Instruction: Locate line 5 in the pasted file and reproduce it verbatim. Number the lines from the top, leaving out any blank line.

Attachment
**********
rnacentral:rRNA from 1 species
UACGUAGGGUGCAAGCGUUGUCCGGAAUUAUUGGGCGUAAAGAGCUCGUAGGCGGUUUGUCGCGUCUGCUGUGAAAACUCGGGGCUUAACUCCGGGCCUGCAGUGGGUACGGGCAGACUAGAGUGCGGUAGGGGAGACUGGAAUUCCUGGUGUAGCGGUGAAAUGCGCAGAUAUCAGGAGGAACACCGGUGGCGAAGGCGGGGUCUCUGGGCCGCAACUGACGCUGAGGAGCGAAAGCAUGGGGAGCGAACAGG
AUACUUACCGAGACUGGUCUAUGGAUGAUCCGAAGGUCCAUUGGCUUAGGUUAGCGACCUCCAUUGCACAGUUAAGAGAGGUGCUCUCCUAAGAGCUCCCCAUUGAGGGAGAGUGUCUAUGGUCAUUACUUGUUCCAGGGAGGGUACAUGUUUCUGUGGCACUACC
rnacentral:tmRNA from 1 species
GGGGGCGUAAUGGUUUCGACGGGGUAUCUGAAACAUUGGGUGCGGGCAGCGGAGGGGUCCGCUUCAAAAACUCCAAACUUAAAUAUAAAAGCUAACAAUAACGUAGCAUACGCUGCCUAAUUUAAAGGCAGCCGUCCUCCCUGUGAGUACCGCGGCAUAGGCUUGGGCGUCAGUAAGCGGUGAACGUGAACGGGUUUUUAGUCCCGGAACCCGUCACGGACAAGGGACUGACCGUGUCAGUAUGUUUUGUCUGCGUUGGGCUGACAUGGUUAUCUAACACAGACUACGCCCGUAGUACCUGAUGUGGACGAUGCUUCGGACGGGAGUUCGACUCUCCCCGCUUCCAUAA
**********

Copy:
GGGGGCGUAAUGGUUUCGACGGGGUAUCUGAAACAUUGGGUGCGGGCAGCGGAGGGGUCCGCUUCAAAAACUCCAAACUUAAAUAUAAAAGCUAACAAUAACGUAGCAUACGCUGCCUAAUUUAAAGGCAGCCGUCCUCCCUGUGAGUACCGCGGCAUAGGCUUGGGCGUCAGUAAGCGGUGAACGUGAACGGGUUUUUAGUCCCGGAACCCGUCACGGACAAGGGACUGACCGUGUCAGUAUGUUUUGUCUGCGUUGGGCUGACAUGGUUAUCUAACACAGACUACGCCCGUAGUACCUGAUGUGGACGAUGCUUCGGACGGGAGUUCGACUCUCCCCGCUUCCAUAA